"For I was hungry and you gave me food, I was thirsty and you gave me drink ..." --Matthew 25:35-36
Jesus' words are a powerful and inspiring reminder as I sit in my office browsing on news websites the stories and images of the staggering tragedy unfolding in the Horn of Africa.
Nearly 10 million people are "critically short of food," according to the United Nations, due to what UN officials say is the region's worst drought since I was born 60 years ago. Those 10 million people live in Kenya, Ethiopia, Uganda, Djibouti and war-ravaged Somalia.
For some, the stories and images will be reminders of the Ethiopian famine. Twenty-five years ago, the images of bloated, dying children, images unlike any others seen before by millions of Americans, prompted a massive outpouring of donations and offers to help. That outpouring culminated in the "Live Aid," concerts in Philadelphia and London, the latter of which brought a group I had never heard of before to the world's attention -- U2.
For others, the name "Somalia" brings back the events of 1991-1994 when hundreds of thousands of Somalis were starving, prompting a U.S.-led peacekeeping force to intervene. That effort led to a military operation against Somali warlords and, regrettably, the deaths of 42 American soldiers.
I am reminded of two things.
First, the faces, the voices and the stories of people I've met in Kenya, Ethiopia and Uganda. Kenya was the first nation I visited after joining World Vision in 1998, and where I learned one of the most important lessons of my life: Poverty is not an image, or a statistic; poverty has a face, a name and a story.
Second, I am reminded of the powerful and provocative quote from Josef Stalin: "A single death is a tragedy; a million deaths is a statistic."
I fear that for many Americans -- Christians and people of other faiths or no faith -- will devote little time or attention, let alone resources, to the people suffering in the Horn of Africa. Rather they are preoccupied with "First World problems":
- How fluctuations in the stock market are affecting my 401(k) investments;
- Where to go on my next vacation;
- Whether to buy "name brand" or "store brand" items in the supermarket;
- Which diet and workout regimen will enable me to lose 10 pounds in a month; or
- The struggle over my next computer -- a notebook, a laptop, or the new iPad2?
Or worse, they are obsessed with finding out where Casey Anthony might be living, now that she's been released from jail after being acquitted of charges that she murdered her daughter, Caylee. Thousands of Americans followed Ms. Anthony's trial closely, and expressed outrange when she was found not guilty. They wanted justice for Caylee's death. Where's their outrage or sense of justice for the millions of children at-risk of dying in the Horn of Africa? Their lack of attention proves the late Soviet premier's admonition.
Many "First World" Americans have never met a person with "Third World problems":
- Whose income is2 a day and who has never heard of a 401 (K);
- Whose only travel plans are traipsing by foot from Somalia into Kenya to a refugee camp;
- Whose primary source of drinking water is infested with animal feces, and has never been inside a supermarket;
- Who lost 10 pounds in the last week because of too little or even no food, and who has no use for a health club membership; or
- Who has no access to electricity, and does not need -- and maybe has not ever seen -- a computer.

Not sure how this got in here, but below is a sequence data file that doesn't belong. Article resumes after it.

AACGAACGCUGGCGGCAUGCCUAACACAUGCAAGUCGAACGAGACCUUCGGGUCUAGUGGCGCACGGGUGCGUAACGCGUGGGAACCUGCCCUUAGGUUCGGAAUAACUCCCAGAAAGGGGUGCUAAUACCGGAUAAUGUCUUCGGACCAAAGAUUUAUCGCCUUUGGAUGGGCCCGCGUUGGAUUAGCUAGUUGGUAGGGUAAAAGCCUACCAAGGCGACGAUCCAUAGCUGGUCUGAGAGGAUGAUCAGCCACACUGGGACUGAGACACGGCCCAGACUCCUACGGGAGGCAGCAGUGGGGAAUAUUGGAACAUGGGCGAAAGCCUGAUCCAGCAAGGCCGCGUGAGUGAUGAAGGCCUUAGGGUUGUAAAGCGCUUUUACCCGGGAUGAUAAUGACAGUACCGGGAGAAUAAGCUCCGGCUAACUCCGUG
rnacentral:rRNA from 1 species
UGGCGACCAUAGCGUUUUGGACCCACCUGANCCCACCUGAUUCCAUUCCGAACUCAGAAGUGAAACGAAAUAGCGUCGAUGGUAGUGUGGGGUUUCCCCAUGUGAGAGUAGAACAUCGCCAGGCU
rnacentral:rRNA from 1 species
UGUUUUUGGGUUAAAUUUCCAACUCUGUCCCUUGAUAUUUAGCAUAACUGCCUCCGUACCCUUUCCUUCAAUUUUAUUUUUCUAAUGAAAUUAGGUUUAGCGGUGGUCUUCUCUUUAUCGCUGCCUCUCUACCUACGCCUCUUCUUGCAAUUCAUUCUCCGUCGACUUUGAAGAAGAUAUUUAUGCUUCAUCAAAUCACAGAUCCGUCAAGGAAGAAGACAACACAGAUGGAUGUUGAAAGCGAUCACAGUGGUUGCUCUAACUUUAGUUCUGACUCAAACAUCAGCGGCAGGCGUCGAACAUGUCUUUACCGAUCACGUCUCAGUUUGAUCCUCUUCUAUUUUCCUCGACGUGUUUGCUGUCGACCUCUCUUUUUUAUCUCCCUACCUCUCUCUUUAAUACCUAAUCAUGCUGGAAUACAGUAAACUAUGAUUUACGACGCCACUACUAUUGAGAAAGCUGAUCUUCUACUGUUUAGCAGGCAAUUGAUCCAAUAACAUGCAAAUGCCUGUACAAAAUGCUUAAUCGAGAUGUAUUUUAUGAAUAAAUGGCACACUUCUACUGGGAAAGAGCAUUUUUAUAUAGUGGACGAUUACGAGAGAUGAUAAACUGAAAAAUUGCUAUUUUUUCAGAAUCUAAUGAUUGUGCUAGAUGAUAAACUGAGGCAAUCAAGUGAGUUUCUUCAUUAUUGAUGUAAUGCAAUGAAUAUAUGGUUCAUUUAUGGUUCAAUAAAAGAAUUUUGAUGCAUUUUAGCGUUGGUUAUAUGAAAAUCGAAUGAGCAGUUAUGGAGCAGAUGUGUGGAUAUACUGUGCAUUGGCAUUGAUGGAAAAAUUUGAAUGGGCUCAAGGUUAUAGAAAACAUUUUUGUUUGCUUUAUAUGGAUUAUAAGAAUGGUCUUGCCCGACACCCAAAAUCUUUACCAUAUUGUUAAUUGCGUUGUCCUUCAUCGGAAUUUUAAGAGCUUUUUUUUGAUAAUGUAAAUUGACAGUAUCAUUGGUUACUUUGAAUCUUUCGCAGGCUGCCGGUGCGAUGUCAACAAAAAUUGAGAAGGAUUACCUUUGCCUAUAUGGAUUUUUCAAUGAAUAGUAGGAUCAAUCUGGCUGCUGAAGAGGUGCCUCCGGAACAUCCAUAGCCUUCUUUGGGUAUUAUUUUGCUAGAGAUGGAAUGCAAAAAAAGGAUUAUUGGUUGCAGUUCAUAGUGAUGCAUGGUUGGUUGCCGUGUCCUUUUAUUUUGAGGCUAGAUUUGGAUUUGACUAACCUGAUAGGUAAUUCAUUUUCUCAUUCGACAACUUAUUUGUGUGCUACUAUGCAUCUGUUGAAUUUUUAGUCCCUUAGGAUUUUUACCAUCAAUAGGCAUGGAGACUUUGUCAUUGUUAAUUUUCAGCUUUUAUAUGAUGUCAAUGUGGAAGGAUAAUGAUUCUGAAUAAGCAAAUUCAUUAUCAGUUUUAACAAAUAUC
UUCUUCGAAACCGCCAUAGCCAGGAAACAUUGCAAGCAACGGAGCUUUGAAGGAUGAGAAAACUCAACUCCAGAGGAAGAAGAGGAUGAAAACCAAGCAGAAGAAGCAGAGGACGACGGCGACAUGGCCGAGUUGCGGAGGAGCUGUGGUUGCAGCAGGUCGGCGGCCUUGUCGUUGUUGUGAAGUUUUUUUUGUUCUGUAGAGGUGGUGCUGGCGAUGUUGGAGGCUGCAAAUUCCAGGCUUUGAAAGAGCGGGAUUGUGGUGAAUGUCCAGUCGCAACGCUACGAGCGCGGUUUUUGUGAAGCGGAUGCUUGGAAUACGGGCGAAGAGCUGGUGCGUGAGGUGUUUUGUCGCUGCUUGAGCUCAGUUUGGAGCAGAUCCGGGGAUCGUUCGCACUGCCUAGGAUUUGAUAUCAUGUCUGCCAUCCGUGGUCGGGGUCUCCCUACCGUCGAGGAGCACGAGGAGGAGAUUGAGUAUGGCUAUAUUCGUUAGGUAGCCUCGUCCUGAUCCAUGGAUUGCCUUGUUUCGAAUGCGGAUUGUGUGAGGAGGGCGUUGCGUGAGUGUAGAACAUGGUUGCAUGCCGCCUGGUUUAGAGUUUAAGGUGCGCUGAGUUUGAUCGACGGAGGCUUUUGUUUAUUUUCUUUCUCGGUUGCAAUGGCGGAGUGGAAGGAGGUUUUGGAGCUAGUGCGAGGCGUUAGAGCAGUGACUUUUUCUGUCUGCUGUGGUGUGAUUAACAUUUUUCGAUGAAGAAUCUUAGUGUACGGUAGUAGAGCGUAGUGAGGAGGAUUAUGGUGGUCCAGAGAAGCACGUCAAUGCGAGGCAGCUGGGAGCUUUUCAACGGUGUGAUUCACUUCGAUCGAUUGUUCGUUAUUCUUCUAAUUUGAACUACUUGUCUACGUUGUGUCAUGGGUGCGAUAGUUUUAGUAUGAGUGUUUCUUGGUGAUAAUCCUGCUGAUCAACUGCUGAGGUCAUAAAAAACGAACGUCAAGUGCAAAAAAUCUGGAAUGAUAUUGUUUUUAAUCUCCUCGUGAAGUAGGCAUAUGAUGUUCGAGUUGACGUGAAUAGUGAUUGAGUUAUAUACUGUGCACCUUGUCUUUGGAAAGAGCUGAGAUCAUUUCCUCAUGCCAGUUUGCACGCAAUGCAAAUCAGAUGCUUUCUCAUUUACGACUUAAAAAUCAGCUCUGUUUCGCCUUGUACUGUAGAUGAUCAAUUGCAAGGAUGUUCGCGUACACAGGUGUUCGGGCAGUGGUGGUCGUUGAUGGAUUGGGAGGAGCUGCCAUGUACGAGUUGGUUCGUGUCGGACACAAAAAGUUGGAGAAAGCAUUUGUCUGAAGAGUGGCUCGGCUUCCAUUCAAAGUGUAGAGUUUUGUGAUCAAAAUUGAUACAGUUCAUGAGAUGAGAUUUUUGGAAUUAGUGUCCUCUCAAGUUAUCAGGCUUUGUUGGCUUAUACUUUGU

I have the privilege of knowing people facing both First World and Third World problems. It is a privilege because, I believe, Jesus would consider it a privilege. He met with, ate meals alongside and learned from those His society considered its lowest and its outcasts -- prostitutes, tax-collectors, the poor and victims of injustice.
He would have been honored to meet and serve people like Hawo, a woman believed to be about 75-years-old who lives in Kalabeyr, a remote town in northern Somalia. Thanks to my World Vision colleagues working in the region, I know more about Hawo, than I ever will know -- or even want to know -- about Casey Anthony.
After the drought killed the more than 500 goats and sheep Hawo and her eight children lived on, they were forced to abandon their pastoral way of life and move to Kalabeyr. The nine of them live in a makeshift tukul, a small room within the compound of one of the town residents.
With no more livestock to provide for her family, and no money to buy water for drinking and cooking, she walks to a local market to beg for five or 10 liters of water.
She would love to buy 20 liters, but the price is beyond her reach: 40 cents. That's less than half the change I leave in the jar for tips at my local Starbucks.
It is Hawo whom Mark Bowden, the United Nations Humanitarian Coordinator for Somalia, might have been thinking of when he said recently: "Resources are woefully inadequate. We have an appeal that is at the moment only 40 per cent met. ... (W)e find ourselves as the humanitarian community in a position that we want and are able to do more, but just don't have the resources with which to do it."
Jesus' words about hunger and thirst, as quoted in Matthew, led me a few years ago to create an NIT version (New Irreverent Translation), one that Americans obsessed with "First World problems" might relate to:
"For I was hungry, while you had all you needed. I was thirsty, but you drank bottled water."
We did not create the desperate conditions of drought and famine threatening the lives of 10 million people in the Horn of Africa. But, as Christians, it is our responsibility to do something about it. It is our moral duty to help our neighbors in need -- here in the U.S. and elsewhere, and God commands us to help those we have the means to help. We cannot look at their situation -- on television, in newspapers or magazines, or on the Internet -- shrug our shoulders, and say, "Not my problem."
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